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Best Sellers Aren?t Written ? They?re Made - It?s All About Promotion
Writing a book is becoming more and more of a trend these days. In fact, an estimated 5,000 mystery books were published last year in the United States alone, and that number is expected to grow. With so much competition, making the best-seller list is no easy task. So how is it that out of the thousands of mysteries published each year, some become best-sellers while others never get past the publisher's front door? The answer is simple ? promotion.
Strategy is Key
Many authors are so confident that their book will sell itself, but unfortunately, that simply isn't the case. To hit the best-seller lists, you need to devote a lot of time to marketing. Promotion is important, because even if you think your book is destined to be a best-seller, no one will buy the book if you don't market it and set up the appropriate distribution outlets.
At this point many authors proclaim: "But my publisher is supposed to market my book, not me." That's not entirely true. While the publisher does want your book to sell (that is, after all, how they make money), with all the books a publisher represents, their PR department can't possibly give your book the attention it deserves. They're often promoting multiple books at once and must spread out their time and resources fairly between everyone.
That's where the author comes in. By taking charge of your book's promotion, you can make it to the best-seller list.
The first step in devising a promotion strategy is to create a powerful media kit. You can be the most brilliant book promoter in the world, yet fail at making your book a bestseller if you do not have a strong and persuasive media kit. Why? Well, you may be able to talk a good game and get people excited about your book, but when they ask for your press kit and see a measly, uninformative packet with a few clippings and nothing more, all your build-up will fall flat.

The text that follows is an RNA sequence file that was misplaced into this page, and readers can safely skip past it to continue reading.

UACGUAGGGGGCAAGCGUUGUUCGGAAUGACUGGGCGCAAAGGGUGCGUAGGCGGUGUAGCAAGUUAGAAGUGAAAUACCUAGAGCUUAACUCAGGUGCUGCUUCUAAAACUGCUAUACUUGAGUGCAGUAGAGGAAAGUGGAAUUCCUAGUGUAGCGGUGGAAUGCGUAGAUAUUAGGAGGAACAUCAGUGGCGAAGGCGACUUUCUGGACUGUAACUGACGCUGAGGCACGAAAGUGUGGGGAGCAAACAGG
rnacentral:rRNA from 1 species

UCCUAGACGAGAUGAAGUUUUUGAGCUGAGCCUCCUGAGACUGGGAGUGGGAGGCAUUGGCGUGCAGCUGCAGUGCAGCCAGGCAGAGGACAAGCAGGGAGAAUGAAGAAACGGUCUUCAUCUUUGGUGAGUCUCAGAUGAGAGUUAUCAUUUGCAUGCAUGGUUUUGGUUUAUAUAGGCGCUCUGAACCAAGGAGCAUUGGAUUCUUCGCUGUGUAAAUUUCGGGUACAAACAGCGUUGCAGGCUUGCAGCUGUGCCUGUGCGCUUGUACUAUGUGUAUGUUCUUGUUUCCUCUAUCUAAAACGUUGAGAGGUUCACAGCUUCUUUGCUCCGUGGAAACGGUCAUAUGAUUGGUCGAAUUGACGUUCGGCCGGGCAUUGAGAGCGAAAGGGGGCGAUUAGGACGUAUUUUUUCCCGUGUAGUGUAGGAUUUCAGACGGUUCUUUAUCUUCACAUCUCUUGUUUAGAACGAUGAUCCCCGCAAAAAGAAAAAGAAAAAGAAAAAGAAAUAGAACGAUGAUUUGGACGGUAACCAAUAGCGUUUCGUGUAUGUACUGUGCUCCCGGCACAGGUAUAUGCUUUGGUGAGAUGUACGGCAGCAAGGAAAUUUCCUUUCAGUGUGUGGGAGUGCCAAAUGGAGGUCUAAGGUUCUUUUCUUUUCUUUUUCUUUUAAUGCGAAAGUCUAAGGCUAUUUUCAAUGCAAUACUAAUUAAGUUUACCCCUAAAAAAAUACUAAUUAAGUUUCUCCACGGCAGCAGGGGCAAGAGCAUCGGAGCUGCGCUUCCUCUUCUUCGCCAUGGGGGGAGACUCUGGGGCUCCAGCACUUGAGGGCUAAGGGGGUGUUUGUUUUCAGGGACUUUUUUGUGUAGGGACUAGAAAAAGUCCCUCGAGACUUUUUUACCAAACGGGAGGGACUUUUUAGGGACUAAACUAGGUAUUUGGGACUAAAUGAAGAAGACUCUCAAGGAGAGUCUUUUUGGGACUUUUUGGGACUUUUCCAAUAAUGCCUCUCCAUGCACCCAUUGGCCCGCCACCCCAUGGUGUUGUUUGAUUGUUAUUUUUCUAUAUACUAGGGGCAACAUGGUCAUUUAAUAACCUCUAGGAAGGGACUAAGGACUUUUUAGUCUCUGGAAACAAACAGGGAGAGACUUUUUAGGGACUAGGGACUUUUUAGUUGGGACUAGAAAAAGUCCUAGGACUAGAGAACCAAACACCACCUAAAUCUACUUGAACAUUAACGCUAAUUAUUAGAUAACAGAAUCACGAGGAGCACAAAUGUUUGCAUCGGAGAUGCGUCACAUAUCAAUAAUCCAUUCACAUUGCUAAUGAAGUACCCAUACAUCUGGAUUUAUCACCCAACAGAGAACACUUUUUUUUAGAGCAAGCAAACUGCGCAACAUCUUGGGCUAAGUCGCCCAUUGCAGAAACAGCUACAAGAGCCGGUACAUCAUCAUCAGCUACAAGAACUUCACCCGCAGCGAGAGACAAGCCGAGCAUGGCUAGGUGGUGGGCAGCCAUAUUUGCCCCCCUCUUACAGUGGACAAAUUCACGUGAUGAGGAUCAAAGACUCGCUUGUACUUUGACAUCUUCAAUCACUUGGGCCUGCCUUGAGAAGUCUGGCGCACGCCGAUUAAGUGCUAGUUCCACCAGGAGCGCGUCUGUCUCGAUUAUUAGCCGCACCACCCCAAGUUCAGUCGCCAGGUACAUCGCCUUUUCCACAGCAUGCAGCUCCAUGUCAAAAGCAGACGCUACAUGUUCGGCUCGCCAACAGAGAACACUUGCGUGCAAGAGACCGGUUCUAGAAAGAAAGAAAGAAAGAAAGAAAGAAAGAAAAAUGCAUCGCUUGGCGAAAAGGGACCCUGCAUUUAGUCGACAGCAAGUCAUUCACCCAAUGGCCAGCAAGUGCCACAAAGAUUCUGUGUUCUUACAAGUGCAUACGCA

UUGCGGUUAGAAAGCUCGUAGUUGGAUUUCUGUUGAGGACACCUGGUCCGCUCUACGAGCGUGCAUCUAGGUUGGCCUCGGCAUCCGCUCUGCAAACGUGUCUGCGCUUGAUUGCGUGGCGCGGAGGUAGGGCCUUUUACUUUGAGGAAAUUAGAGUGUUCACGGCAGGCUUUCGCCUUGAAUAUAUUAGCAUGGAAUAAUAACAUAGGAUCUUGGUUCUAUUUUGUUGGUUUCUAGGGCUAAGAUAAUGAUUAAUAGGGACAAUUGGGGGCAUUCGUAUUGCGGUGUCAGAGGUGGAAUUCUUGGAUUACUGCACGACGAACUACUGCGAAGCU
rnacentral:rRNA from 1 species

What's in a Media Kit?
Think of a media kit as your book's resume. If it doesn't look good, it certainly won't attract the interest of media, distributors, or bookstores. The kit should contain:
1. A cover letter ? A one-page letter that entices the reader to open your kit.
2. A press release ? Usually one page long, the press release describes your book and its timeliness.
3. A mock book review ? A one to two-page overview of your book that gives the highlights.
4. An author biography ? A one-page document that introduces your credentials for writing the book.
5. A book sell sheet ? A one page flyer for your book that gives ordering information and sell copy.
6. A book catalog sheet ? A one page information piece that gives the technical details, such as how many books come in a case, the book's sales handles, the author's publicity campaign, etc.
7. A novelty item such as a postcard of the book's cover, a bookmark, a counter card, etc. ? Including a novelty item makes you memorable. It also showcases some of your marketing efforts.
You Can Do It!
With a powerful media kit, you can keep the momentum strong and get people begging for more. This, in turn, will lead them to buy the book, which could ultimately lead you all the way to the top of the best-seller list.
Dawn Josephson is president and founder of Cameo Publications, an editorial and publishing services firm based in Hilton Head Island, SC. She is also the author of Putting It On Paper: The Ground Rules for Creating Promotional Pieces that Sell Books and the co-author (with Lauren Hidden) of the new book Write It Right: The Ground Rules for Self-Editing Like the Pros. . For more information, please call 843-785-3770, e-mail Dawn@CameoPublications.com, or visit http://www.CameoPublications.com
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